How to Copy Someone on an Email?

Want to know how to use CC and BCC features in Gmail?

Gmail’s CC and BCC features help you send email to multiple recipients.
However, the method that everyone uses is somewhat different.

Do not worry.

This article will show you how to use each of Gmail’s features correctly. However, CC and BCC functions have many limitations. Let me show you how you can use email merging tools to make the process easier!

Also, check out how to use Bcc email, including a better way to send emails to many recipients of my Bcc guide.

How to link an email address

How to Use CC in Gmail?

The CC Carbon Copy field allows you to send a copy of your email to multiple recipients.

The term “carbon copying” comes from the carbon paper you use to make copies of documents – the e-mail service creates copies of your e-mail and sends them to CC’d recipients.

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A. How Is “CC” Different from “To” in Gmail?

The difference between the Cc and To box is in the email label.

The To field is used for primary recipients – people who are required to respond to your email.
On the other hand, part of the CC applies to secondary recipients – people who need to keep track of the conversation and, at best, do not have to act.

The correct use of the To and Cc fields often defines who should trade and who needs the information.

Here’s a step-by-step guide to using the Cc field to send and send multiple Gmail recipient lists.
Let me explain the steps in using:

  • Web browser
  • Gmail application for Android and iOS devices (iPhone)

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How To CC Using Web Browser

Step 1 – Log in to your Gmail account and click the Compose button to open up the Gmail compose window.

Step 2 – In the To address box, type your primary recipient’s email address. You can separate multiple addresses using a comma, space or by pressing the enter key.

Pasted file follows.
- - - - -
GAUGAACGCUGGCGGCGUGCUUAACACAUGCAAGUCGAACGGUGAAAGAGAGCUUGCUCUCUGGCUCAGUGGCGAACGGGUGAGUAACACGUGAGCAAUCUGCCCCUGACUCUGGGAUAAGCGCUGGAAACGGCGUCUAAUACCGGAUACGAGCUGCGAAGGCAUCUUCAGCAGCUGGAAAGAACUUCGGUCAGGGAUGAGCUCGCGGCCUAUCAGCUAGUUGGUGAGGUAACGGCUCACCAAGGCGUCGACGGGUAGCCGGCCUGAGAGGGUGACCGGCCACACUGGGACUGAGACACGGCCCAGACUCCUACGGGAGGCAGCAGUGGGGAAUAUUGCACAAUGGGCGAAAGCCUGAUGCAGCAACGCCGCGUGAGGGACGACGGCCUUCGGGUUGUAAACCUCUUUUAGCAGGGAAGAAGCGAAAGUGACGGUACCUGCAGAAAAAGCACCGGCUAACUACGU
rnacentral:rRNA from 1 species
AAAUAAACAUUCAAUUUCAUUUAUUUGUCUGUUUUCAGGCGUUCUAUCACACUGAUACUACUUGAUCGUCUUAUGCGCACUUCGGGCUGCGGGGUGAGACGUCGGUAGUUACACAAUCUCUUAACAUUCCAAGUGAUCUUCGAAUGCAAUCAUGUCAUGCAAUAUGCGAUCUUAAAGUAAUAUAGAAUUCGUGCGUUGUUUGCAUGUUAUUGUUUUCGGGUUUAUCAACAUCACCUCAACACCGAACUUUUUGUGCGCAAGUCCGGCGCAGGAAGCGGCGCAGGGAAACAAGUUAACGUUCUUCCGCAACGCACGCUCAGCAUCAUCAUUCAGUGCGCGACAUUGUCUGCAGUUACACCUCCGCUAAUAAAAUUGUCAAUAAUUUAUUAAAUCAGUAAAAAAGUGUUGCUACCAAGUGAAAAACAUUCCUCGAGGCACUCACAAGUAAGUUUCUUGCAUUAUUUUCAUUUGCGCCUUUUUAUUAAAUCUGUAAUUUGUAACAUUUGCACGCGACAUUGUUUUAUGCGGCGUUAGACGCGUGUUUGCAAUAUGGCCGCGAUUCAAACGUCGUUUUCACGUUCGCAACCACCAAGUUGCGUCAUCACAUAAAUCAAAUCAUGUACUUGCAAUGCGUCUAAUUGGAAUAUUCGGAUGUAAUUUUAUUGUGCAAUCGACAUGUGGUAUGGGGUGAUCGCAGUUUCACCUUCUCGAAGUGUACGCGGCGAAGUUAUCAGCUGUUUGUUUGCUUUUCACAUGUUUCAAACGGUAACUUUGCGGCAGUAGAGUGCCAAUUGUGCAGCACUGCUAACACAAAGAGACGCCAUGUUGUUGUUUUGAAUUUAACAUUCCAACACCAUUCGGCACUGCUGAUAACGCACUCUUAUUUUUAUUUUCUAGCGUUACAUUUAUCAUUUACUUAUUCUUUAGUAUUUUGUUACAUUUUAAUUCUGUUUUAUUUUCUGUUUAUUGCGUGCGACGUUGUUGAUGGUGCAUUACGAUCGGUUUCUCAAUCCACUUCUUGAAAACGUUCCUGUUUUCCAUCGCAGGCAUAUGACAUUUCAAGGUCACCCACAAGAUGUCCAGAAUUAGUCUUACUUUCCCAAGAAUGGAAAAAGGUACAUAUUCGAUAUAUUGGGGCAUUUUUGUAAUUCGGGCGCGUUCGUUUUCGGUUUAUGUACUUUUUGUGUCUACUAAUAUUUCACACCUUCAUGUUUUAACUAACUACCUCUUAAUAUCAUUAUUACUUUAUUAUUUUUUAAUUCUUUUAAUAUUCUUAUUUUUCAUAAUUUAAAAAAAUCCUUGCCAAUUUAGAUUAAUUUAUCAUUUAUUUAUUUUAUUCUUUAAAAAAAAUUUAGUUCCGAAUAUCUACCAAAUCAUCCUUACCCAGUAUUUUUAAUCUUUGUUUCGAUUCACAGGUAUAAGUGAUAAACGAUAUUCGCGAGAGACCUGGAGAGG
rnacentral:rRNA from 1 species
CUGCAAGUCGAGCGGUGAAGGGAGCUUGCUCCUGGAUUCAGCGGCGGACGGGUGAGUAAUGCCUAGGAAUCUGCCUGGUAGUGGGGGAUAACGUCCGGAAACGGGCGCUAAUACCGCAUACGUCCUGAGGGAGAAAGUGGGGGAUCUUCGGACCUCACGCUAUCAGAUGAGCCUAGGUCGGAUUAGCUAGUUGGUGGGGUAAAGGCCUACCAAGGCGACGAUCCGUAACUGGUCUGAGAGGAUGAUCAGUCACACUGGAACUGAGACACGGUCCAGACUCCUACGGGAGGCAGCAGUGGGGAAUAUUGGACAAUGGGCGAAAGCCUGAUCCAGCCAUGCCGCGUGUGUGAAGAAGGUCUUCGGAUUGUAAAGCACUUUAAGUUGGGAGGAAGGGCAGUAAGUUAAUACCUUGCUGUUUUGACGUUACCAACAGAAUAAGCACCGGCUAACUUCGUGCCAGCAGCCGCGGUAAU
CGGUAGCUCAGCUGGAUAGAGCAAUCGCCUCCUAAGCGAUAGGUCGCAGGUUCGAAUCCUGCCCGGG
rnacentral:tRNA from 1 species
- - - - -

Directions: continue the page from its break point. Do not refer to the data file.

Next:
To send a copy of your mail to secondary recipients, you must add each one as a CC recipient.

Click the CC button, as shown below.

Step 3 – Enter the email address of recipients who’ll receive a copy of the email in the CC field.

Step 4
Compose your new message and hit Send when your message is complete.
All your recipients (primary + CC’d) will receive the email.

Let’s see how it looks at a recipient’s end.

All recipient addresses in the To and CC fields are visible to everyone in the email.

How To CC In Android and iOS (iPhone)

Note: While I’ve used Android screenshots, the process highlighted here is the same for both Android and iOS devices.

  • Step 1 – Open the Gmail app on your Android or iOS device and click on Compose to write your new message.
  • Step 2 In the To field of the new email, type your primary recipient’s email address. You can separate multiple addresses using a comma or space.

To add a CC recipient, click on the downward arrow on the top right corner in the To address box, as shown below. This will display the CC and BCC fields.

  • Step 3 – In the CC field, enter the mail addresses of the recipients who’ll receive a copy of the email.
  • Step 4 – Compose your message and hit Send. Both your primary recipient and the CC’d person will receive the email.

Let’s now look at some issues of using Gmail’s CC method.

Major Problems with Gmail’s Carbon Copy Method

Some of the issues with CC Gmail recipients are:

Displays a list of all recipients
Gmail CC recipients are not hidden from each other. This is great if you are sending an email to a group of people who know each other.

However, if you are sending an email to a group where people do not know the other parties, using the CC feature is a violation of privacy.

Consider this:
If you send sales or marketing emails, would you consider providing your mailing list?

Because that’s what you do with the To / Cc field in Gmail!

To protect the identity of your recipients, do not use the CC field to disclose confidential information.